Soyombo: Is Being An Investigative Journalist Now A Crime? By Gbenga Odunsi

Soyombo: Is Being An Investigative Journalist Now A Crime? By Gbenga Odunsi
Investigative Journalist, Fisayo Soyombo

Fisayo Soyombo, an investigative journalist is currently on the run after he was reportedly threatened over a chain of reports he did revealing the canker in the police and the Nigerian Correctional service.

Chief Fisayo — as I fondly call him — had gone undercover to expose how police officers from the Pedro Police Station milk money from suspects and their families, including framing those in custody for crimes they did not commit.

Soyombo spent eight days in Ikoyi prison to reveal how drug abuse, sodomy, bribery and pimping had become the order of the day in the prison.

After the second part of the three-series report, Soyombo went underground after it was alleged that the prisons service planned to arrest and prosecute him for spying into its service. I had sent him a WhatsApp message on Tuesday, after reading a report from The Guardian about his planned arrest. He, however, avowed he had not read the report, but, according to him, “it is true”.

It is against this background that I posit that the Prison authorities should be the one under fire after this avowal and not the one who exposed the rot.

It is a despairing moment for journalism in Nigeria. Which nation can prosper by muffling and stifling its journalists?

What use is this revolution we strive for, when we seek to harass an innocent journalist for the crime of revealing the truth?

The Nigerian government cannot claim to fight corruption, yet turn around to witch-hunt a journalist who went undercover — at risk to his own life — to uncover the biggest corruption racket in a government agency. This shows that corruption fight in Nigeria is nothing but a hoax.

It is humdrum that Nigeria has always decided to silence people who speak up against its obduracy. The country criticize journalists for abandoning proper journalism for cocktail journalism and wire-wire journalism, and brown envelop journalism, yet it turns around to gag them at the smallest whiff of proper journalism.

So what and where is the democracy Nigeria keeps preaching about.? There is no freedom for journalists after speech, even the freedom of speech is not guaranteed. Nigerians cannot continue to pretend we are operating a democratic setting when freedom of speech and press cannot be guaranteed.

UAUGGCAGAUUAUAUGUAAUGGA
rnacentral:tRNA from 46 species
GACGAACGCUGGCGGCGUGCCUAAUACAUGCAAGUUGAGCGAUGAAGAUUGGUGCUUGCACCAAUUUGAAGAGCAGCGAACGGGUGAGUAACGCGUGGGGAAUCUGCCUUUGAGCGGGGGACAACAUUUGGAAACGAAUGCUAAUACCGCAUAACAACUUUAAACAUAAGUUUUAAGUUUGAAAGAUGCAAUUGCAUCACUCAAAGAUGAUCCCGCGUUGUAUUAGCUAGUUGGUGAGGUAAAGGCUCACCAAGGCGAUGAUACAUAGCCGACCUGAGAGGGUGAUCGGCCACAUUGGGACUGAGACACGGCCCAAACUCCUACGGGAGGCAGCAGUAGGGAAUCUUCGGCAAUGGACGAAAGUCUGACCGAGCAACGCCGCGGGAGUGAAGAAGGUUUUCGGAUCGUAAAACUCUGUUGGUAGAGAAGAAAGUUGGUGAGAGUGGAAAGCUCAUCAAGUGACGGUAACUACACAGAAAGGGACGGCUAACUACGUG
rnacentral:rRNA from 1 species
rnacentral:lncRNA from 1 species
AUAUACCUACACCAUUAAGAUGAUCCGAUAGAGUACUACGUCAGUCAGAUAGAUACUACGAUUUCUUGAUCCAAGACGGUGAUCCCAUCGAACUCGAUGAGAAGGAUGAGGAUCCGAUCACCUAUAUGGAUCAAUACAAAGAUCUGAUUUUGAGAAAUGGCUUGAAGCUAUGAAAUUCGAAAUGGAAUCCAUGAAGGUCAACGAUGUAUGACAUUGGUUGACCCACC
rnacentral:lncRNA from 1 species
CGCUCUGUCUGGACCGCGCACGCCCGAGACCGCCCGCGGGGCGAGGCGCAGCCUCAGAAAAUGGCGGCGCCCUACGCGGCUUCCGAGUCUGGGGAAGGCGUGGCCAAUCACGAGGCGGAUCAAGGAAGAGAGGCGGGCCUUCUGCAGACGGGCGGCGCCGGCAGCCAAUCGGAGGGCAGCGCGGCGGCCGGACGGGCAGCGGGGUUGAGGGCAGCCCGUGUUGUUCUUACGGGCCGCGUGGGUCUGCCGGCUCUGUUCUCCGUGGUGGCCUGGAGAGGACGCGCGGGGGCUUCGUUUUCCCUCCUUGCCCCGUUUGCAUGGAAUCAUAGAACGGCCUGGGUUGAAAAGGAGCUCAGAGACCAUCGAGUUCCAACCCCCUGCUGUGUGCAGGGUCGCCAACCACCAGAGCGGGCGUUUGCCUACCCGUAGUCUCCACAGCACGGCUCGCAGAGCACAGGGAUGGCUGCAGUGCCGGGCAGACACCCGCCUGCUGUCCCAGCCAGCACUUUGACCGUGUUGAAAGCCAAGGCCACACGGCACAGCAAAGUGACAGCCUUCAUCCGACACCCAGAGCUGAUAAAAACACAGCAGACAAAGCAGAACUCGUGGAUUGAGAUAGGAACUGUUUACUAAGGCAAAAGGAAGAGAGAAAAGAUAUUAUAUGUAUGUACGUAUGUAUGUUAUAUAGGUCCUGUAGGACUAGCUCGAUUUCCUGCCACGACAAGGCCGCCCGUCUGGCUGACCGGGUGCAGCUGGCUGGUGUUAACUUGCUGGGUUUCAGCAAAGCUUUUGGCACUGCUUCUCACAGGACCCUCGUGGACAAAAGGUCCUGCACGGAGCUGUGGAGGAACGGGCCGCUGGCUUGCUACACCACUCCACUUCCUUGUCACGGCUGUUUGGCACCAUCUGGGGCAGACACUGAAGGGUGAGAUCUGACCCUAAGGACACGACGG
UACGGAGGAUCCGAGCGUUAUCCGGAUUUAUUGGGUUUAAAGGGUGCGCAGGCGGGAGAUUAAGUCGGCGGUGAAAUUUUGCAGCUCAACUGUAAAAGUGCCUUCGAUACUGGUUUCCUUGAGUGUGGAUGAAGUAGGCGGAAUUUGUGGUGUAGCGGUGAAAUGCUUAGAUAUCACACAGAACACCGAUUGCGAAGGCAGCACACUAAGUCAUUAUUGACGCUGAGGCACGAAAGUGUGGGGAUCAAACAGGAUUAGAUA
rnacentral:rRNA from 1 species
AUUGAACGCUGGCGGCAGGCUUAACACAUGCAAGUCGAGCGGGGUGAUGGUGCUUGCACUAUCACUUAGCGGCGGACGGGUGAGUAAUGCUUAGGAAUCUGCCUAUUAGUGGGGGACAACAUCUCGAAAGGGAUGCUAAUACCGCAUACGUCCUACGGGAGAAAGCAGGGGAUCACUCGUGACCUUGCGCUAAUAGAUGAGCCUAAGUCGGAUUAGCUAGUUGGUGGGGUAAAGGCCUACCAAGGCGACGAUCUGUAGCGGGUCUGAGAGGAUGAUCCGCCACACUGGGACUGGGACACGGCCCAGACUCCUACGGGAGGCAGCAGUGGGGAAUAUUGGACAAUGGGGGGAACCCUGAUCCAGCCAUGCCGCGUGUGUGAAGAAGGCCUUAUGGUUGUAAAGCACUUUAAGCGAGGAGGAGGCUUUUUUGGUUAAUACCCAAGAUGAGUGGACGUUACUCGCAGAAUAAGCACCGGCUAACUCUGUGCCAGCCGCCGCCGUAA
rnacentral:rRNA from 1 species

I recall in 2017 when I went undercover to expose bribery and corruption in National Agency for Food and Drug Administration and Control, NAFDAC, few days after the publication, I received shaky threats from unknown persons, via text messages, apparently NAFDAC personnel who felt threatened by the report. This made me flee Abuja for weeks. It is standard: when an investigative journalist goes undercover, he ends up being threatened for doing his job.

Why should investigative journalists become targets of imprisonment for merely exposing the rot within a system? Every country that has thrived and gone on to be, create a better future for her citizenry did so through a free press.

The plan to arrest Fisayo, another attempt to attack press freedom, is dead on arrival. Journalists will not allow the Nigerian government to cage and suppress investigative journalism aimed at exposing corrupt government officials.

If the authorities arrest Fisayo, then they should be ready to arrest all journalists in Nigeria. Press freedom is paramount in every democratic nation. This goes with the saying: nothing must happen to my friend, Chief Fisayo. He must not be harassed, penalized, or arrested for his investigative work into Nigeria’s prison system.

He is a shining light to many young journalists; he has helped the Minister of the Federal Ministry of Interior, Rauf Aregbesola on his agenda for Prison Reforms; he has encouraged a number of journalists to do the impossible; his feats inspired my first undercover work, “Bribery, corruption, discrimination, ‘presidency slot’ in the 2016/2017 federal civil service recruitment”, among several others.

Nigerian government agencies should be grateful that journalists are helping them with information on areas they need to work on, they should not see feedback as plot to undermine them, they should rather collaborate and act rightly. We are all hoping for a better Nigeria.

Journalism is not a crime.

Odunsi, Investigative Journalist and Editor at Information Nigeria, can be reached on [email protected]